I was on the phone the other day with my agent, Mick. Mick’s been telling me he’s been hawking me around in the IPL. Mick assures me there’s been some interest and that we should play our cards close to our chest. Yeah right, I thought. You know what Mick’s problem is? Mick’s problem is he’s a [email protected]#*^d up strategist; that’s what Mick’s problem is. Mick’s problem is that he doesn’t think ahead. For example, take how he screwed things up for me in the first season’s Big Bash. When I wasn’t picked at the players auction, Mick’s strategy was it’d be best to save face. Mick said we should put out a press release stating that I wanted to concentrate on the long form game. “Viv wants to focus on Test selection,” Mick stated all I know what I’m doing like. “Viv wants to concentrate on honing his game with a view to future international opportunities.” Yeah, well what a balls up that was. What Mick failed to realize was that this T20 was gonna go viral; what Mick failed to foresee was that T20 was the pot of gold at the end of the rainbow and that his tactics would leave me marginalized. And now he says he’s trying to right the ship hawking me in the IPL. Pffff. You know what would right the ship Mick? A public apology. What would right the ship is you stating, “I’m Mick Sheldon, and I [email protected]#* up cricketers careers.”
Every time someone goes nuts in the U.S. and starts shooting people, I’m on edge. The reason is this guy who turns up at every Bellerive match. The guy dresses in fatigues like Travis Bickle and has this thousand yard stare. Worse, he’s got it in for me. Every time I get out for a low score, he claps in this creepy way as I walk off. The clap echoes all round the ground and by Christ, it freaks the crap out of me. I’m telling you, the guy has well got me spooked. The really crazy thing, though, is how it’s begun to work in my favour. You see, the thing is, if I make runs, he doesn’t clap. I think his logic is if I get out early, he has been spared a day of watching my stodginess, whereas, if I bat for a few hours or so, his day has been ruined. Whatever the logic, it’s made me more determined to stay out there. And [email protected]#* it’s worked. Ever since I started noticing this guy, my average has improved markedly. I mean, the guy has worked for me the way a carrot works for an ass. Still, it’s a double edged sword: I’m batting longer, but I do so feeling like there’s a periscope site on my organs. It’s very unnerving. Anyway, looking ahead, I only hope he doesn’t show up sporting a Mohawk. That and hauntedly repeating, “The horror, the horror.”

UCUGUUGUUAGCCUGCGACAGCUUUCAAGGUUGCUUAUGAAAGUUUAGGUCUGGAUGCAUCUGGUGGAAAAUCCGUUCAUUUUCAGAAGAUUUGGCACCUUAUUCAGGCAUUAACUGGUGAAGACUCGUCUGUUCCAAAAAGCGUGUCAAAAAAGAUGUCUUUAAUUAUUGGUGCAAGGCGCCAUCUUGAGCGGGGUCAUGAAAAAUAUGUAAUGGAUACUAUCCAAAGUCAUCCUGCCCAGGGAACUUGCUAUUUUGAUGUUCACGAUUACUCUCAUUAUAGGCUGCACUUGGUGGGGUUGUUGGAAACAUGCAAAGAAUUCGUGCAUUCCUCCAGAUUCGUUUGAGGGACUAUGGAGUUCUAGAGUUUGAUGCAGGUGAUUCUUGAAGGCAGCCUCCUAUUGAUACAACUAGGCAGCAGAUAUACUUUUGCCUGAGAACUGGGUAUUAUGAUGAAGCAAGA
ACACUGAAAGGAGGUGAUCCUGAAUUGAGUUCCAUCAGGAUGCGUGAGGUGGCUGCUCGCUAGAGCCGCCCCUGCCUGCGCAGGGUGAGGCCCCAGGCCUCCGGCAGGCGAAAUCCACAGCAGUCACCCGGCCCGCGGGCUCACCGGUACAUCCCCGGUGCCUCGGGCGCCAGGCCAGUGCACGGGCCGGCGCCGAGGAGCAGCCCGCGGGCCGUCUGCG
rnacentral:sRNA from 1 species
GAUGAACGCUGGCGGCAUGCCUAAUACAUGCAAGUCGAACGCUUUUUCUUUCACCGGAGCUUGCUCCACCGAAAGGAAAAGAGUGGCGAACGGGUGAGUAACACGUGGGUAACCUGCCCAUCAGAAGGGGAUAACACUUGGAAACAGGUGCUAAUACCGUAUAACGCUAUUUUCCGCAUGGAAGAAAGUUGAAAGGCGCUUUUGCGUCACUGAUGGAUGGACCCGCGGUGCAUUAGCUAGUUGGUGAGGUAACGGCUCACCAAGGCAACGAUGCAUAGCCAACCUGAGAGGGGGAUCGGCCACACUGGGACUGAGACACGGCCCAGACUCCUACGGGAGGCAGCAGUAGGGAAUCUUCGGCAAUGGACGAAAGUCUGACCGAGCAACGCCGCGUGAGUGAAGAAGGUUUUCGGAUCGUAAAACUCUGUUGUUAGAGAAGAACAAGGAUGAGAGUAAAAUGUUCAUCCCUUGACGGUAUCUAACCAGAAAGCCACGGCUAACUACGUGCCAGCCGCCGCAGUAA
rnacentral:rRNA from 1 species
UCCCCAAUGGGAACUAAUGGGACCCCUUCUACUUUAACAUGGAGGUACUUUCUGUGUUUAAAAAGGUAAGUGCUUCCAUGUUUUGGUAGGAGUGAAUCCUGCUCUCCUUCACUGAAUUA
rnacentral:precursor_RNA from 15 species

No one can graft a hundred the way I do. No one. Not Greg Shipperd, not Chris Tavaré, not anybody. I have made grafting an art form. Of course, it goes unappreciated. I’ve made 12 Shield centuries and not once I have got so much as a well done by our national selectors. I mean, you’d reckon after 5000 hard earned runs, they’d say, “Viv you’re on our radar,” or “Viv, don’t make plans this boxing day.” But no, nothing from them. Not a sniff. What it is is that they’re obsessed with big hitting, is the thing. Their problem is that they think the public is only interested in batting pyrotechnics. What they fail to realize is that the common man connects with what I do. I mean, a grafted century is a metaphor for a workaday existence. Nudging a run here and glancing a run there is symbolic of an honest 9 to 5 job. It’s emblematic of the toil of your accountant, your public servant, your invoicing clerk. “Damn it, I’m the cricketing incarnation of an office drone,” I said to Mick the other day. “Can’t the ACB see that?” Mick said, “So you want me to market you as an office drone? Is that what you’re saying?” I said, “You figure it out, Mick, you figure it out. That’s why I pay you the big bucks.” I then hung up in a huff, thinking that that would drive the message home.